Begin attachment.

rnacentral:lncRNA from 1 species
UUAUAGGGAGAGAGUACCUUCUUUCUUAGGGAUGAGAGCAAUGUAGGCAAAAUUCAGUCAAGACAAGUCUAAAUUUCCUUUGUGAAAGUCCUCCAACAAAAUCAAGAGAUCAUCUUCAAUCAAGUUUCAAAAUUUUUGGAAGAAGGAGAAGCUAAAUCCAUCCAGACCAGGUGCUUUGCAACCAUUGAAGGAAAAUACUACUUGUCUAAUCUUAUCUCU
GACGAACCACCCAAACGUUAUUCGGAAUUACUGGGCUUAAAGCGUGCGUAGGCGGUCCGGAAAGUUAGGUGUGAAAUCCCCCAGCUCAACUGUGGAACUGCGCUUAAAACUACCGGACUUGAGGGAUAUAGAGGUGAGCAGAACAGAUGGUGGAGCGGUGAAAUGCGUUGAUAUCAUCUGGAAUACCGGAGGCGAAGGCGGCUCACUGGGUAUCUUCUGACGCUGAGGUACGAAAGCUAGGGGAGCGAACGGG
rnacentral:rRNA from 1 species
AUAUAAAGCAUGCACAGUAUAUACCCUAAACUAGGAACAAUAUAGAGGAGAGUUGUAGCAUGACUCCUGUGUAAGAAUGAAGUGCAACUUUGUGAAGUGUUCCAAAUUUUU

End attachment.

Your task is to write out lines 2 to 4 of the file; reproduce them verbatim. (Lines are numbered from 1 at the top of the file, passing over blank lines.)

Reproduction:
UUAUAGGGAGAGAGUACCUUCUUUCUUAGGGAUGAGAGCAAUGUAGGCAAAAUUCAGUCAAGACAAGUCUAAAUUUCCUUUGUGAAAGUCCUCCAACAAAAUCAAGAGAUCAUCUUCAAUCAAGUUUCAAAAUUUUUGGAAGAAGGAGAAGCUAAAUCCAUCCAGACCAGGUGCUUUGCAACCAUUGAAGGAAAAUACUACUUGUCUAAUCUUAUCUCU
GACGAACCACCCAAACGUUAUUCGGAAUUACUGGGCUUAAAGCGUGCGUAGGCGGUCCGGAAAGUUAGGUGUGAAAUCCCCCAGCUCAACUGUGGAACUGCGCUUAAAACUACCGGACUUGAGGGAUAUAGAGGUGAGCAGAACAGAUGGUGGAGCGGUGAAAUGCGUUGAUAUCAUCUGGAAUACCGGAGGCGAAGGCGGCUCACUGGGUAUCUUCUGACGCUGAGGUACGAAAGCUAGGGGAGCGAACGGG
rnacentral:rRNA from 1 species